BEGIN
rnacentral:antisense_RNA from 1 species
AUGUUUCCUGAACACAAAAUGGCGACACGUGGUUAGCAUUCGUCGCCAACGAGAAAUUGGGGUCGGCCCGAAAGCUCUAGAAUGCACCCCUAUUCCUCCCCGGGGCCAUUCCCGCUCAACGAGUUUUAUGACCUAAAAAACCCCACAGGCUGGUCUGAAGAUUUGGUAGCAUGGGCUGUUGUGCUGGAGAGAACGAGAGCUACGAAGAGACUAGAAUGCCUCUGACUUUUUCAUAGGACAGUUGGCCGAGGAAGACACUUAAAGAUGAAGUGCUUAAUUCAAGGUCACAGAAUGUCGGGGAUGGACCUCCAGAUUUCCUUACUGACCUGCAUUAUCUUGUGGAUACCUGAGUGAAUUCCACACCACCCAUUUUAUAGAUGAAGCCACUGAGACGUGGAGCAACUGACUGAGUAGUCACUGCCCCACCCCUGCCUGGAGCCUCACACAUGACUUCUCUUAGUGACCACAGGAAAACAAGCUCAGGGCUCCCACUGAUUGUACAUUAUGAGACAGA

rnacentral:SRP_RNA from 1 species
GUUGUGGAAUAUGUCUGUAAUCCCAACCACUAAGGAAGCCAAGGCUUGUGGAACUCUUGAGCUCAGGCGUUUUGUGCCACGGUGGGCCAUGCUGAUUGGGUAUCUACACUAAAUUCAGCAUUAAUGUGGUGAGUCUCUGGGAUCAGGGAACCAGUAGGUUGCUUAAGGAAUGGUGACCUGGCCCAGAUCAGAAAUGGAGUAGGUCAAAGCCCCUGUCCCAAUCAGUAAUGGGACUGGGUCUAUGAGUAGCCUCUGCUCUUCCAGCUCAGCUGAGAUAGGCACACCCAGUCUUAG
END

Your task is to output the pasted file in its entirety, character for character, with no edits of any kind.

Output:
rnacentral:antisense_RNA from 1 species
AUGUUUCCUGAACACAAAAUGGCGACACGUGGUUAGCAUUCGUCGCCAACGAGAAAUUGGGGUCGGCCCGAAAGCUCUAGAAUGCACCCCUAUUCCUCCCCGGGGCCAUUCCCGCUCAACGAGUUUUAUGACCUAAAAAACCCCACAGGCUGGUCUGAAGAUUUGGUAGCAUGGGCUGUUGUGCUGGAGAGAACGAGAGCUACGAAGAGACUAGAAUGCCUCUGACUUUUUCAUAGGACAGUUGGCCGAGGAAGACACUUAAAGAUGAAGUGCUUAAUUCAAGGUCACAGAAUGUCGGGGAUGGACCUCCAGAUUUCCUUACUGACCUGCAUUAUCUUGUGGAUACCUGAGUGAAUUCCACACCACCCAUUUUAUAGAUGAAGCCACUGAGACGUGGAGCAACUGACUGAGUAGUCACUGCCCCACCCCUGCCUGGAGCCUCACACAUGACUUCUCUUAGUGACCACAGGAAAACAAGCUCAGGGCUCCCACUGAUUGUACAUUAUGAGACAGA

rnacentral:SRP_RNA from 1 species
GUUGUGGAAUAUGUCUGUAAUCCCAACCACUAAGGAAGCCAAGGCUUGUGGAACUCUUGAGCUCAGGCGUUUUGUGCCACGGUGGGCCAUGCUGAUUGGGUAUCUACACUAAAUUCAGCAUUAAUGUGGUGAGUCUCUGGGAUCAGGGAACCAGUAGGUUGCUUAAGGAAUGGUGACCUGGCCCAGAUCAGAAAUGGAGUAGGUCAAAGCCCCUGUCCCAAUCAGUAAUGGGACUGGGUCUAUGAGUAGCCUCUGCUCUUCCAGCUCAGCUGAGAUAGGCACACCCAGUCUUAG